Yesterday afternoon while scootering to the post office to mail my tax returns, I suddenly remembered that I’d recently received my Emory University Alumni Card, that the card was in my wallet, and that this might be a good day to make my virgin trip to Emory’s graduate library, which the alumni card allows me to use.
Actually, yesterday’s trip to Emory’s library wouldn’t be my first one, as I’d spent many an afternoon there as a library science student over 30 years ago. Still, it was my first post-retirement trip to this library, and I was curious to find out how it would feel to become an Emory library user again.
Reader, my library pilgrimage wasn’t just mildly interesting: it was thrilling.
Not only had Emory’s library enlarged and transformed itself (evidently several times) since 1979 – to the point that it might as well be a different institution than the one I remembered – but I’d completely forgotten about how much fun it is to wander around the campus (and inside the impressive library) of a thriving, beautifully landscaped university abuzz with youthful energy. (So many international students, too!) As long as I ignored the disappointingly large subset of students staring into iPhones and/or listening to earphones, I could still sense the unique, insular excitement that a visit to almost any college – well, any old and/or beautiful campus – invariably triggers.
Sheer nostalgia probably produced most of my excitement yesterday. When I escaped suburbia for college at age 18, I arrived at Mercer University (in Macon, Georgia) feeling liberated – a feeling that lasted for four glorious years. Those feelings of liberation and optimism swelled up again when I returned to grad school at Emory some ten years later, and cropped up whenever I visited other campuses, including campuses in other countries.
At any rate, yesterday, after chatting with the Emory library’s current reference desk staff (whose average age seemed to be about 19), I duly wandered off, still rather in a daze, into the bowels of the graduate library’s “book tower.” I assumed I’d find there a title or two about – oh, the joys of reading perhaps (potential fodder for the other blog I write), or maybe something about gardening.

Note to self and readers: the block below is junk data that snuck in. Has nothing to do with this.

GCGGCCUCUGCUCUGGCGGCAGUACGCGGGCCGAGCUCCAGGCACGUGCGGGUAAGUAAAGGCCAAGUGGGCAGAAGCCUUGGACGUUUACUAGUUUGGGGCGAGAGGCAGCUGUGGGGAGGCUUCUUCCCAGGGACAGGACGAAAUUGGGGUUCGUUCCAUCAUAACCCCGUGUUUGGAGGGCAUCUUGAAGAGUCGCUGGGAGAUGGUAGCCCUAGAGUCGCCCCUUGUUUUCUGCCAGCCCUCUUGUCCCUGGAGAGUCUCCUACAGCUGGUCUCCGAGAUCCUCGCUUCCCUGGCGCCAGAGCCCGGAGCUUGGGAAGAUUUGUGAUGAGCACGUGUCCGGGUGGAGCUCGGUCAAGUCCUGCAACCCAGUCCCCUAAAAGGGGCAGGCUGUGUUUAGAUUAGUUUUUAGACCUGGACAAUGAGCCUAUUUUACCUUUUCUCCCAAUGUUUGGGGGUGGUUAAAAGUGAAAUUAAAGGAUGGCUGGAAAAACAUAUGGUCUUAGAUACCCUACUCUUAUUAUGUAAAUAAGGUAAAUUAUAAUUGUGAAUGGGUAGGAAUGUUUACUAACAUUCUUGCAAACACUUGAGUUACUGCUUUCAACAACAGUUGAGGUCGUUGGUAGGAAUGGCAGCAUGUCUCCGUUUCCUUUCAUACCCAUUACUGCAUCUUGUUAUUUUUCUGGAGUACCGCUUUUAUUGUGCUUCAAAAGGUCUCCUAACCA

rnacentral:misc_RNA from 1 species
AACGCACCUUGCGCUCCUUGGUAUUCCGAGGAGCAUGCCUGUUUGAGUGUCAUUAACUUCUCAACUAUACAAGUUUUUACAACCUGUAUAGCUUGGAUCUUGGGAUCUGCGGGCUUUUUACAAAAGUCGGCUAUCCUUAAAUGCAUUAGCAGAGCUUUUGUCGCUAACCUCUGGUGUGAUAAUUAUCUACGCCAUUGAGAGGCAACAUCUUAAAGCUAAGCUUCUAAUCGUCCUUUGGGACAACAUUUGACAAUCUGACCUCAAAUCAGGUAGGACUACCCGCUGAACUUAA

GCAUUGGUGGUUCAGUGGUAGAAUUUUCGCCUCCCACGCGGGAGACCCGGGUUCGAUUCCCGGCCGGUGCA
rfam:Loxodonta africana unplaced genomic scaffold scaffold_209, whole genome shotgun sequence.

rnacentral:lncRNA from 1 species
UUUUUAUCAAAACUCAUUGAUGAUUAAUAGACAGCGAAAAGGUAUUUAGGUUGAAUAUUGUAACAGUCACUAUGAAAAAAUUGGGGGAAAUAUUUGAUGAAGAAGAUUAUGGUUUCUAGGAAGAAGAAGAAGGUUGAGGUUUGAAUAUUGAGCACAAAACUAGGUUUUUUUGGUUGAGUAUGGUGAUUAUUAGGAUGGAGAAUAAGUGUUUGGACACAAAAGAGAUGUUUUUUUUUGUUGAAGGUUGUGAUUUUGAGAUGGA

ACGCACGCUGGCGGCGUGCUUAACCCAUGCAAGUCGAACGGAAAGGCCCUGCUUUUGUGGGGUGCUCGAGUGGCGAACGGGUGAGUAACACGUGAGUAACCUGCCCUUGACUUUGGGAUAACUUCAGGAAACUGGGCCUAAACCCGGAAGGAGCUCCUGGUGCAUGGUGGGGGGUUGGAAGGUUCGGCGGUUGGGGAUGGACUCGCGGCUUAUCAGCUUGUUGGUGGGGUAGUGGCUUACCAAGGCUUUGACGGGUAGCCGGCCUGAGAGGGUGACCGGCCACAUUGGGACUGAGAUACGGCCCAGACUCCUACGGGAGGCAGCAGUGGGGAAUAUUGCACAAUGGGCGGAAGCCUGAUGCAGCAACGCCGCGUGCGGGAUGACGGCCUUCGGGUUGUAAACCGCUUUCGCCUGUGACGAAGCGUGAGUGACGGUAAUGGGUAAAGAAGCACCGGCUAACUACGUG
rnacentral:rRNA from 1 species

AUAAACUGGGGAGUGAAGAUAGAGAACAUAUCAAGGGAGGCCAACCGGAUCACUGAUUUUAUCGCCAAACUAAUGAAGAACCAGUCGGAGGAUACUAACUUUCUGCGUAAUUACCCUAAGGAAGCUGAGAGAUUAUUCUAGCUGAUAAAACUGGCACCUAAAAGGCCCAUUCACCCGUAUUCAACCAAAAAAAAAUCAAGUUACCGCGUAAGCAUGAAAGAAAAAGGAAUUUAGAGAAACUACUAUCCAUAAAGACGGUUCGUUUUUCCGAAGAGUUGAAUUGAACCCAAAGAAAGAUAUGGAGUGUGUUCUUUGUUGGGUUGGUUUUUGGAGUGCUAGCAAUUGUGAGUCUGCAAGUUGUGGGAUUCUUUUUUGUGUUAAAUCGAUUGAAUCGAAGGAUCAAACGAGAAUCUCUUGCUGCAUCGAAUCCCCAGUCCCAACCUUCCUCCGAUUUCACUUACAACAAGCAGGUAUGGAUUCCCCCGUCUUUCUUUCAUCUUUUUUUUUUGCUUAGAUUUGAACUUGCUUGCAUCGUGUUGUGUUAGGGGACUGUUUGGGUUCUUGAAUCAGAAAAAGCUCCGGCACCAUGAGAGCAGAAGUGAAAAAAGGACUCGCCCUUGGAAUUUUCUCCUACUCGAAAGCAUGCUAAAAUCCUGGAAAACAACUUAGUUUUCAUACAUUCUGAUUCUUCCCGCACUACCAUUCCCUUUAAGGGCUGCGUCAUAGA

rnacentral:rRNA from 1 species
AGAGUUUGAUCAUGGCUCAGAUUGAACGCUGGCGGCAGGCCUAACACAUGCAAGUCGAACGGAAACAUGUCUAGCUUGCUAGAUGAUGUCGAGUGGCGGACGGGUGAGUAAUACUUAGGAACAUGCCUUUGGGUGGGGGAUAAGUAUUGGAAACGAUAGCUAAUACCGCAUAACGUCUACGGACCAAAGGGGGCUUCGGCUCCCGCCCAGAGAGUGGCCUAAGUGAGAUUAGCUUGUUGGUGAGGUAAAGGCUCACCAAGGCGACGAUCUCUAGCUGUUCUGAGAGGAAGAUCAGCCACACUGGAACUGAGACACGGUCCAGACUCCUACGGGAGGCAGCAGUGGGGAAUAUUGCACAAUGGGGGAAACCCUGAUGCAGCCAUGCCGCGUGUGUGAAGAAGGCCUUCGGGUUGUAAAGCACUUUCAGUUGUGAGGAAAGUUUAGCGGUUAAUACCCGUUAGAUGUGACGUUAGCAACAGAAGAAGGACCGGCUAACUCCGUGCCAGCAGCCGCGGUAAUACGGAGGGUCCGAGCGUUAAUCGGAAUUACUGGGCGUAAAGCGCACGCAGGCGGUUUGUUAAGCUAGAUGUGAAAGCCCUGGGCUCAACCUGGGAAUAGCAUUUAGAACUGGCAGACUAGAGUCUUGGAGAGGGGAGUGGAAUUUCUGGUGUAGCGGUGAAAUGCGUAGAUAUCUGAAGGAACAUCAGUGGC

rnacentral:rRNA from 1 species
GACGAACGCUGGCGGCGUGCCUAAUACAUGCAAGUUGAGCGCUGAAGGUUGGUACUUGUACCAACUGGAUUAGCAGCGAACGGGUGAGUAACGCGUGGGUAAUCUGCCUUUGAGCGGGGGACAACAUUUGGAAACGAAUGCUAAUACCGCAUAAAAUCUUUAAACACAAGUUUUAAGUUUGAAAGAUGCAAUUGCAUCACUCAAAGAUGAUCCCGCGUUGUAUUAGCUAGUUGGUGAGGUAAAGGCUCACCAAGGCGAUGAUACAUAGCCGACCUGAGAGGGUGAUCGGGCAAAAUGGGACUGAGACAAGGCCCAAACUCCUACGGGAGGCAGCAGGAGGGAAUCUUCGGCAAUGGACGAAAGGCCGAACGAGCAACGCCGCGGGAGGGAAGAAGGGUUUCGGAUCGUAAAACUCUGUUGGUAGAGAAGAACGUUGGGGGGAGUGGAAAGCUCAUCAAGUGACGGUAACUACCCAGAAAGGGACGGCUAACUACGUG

Instead, I found not only dozens of titles I was eager to skim and/or borrow some day, but I also discovered wonderful places to sit and examine the books I pulled from the shelves yesterday and the books that I will find on future visits. These heretofore-unknown-to-me niches have comfortable chairs complete with pleasant, bird’s-eye views of the campus and the distant Atlanta skyline. I also eventually located the library’s snack bar, its acres of internet terminals, and the window-clad and seating-lined bridge to an adjacent building where the library shelves its periodicals.
What was really unexpected, however, was how completely happy I felt as I spent a few glorious hours exploring this vast library. Not only was yesterday a beautiful day weatherwise – perfecct for doing anything, really, including taking a short break from my modest spring gardening projects – but it gradually, deliciously dawned on me that:
- This virtually inexhaustible resource for enjoyment is also amazingly convenient to where I happen to live: a mere 2 miles from my front door. Plus, Emory – bless its progressive little heart – provides free parking for visitors using bicycles or motor scooters!
- Being now a retired person – a condition I’m still finding it difficult to believe I’m blessed to enjoy – I finally have the time to roam the collections at Emory whenever I feel like it. (And Emory’s library hours are a lot more extensive than my public library’s hours are.)
- Emory allows me to borrow – and renew online if necessary – whatever materials I choose to take home with me, or to take outside and read somewhere on Emory’s enchanting campus.
I knew before yesterday, of course, that I love libraries, that I have always loved libraries, and that I love this particular library. But I underestimated how completely congenial library-visiting was going to feel when I was no longer working every day in one. Or how congenial using this particular library (again) would feel.
Another exceedingly pleasant surprise along the still-new-to-Calvin Retirement Journey!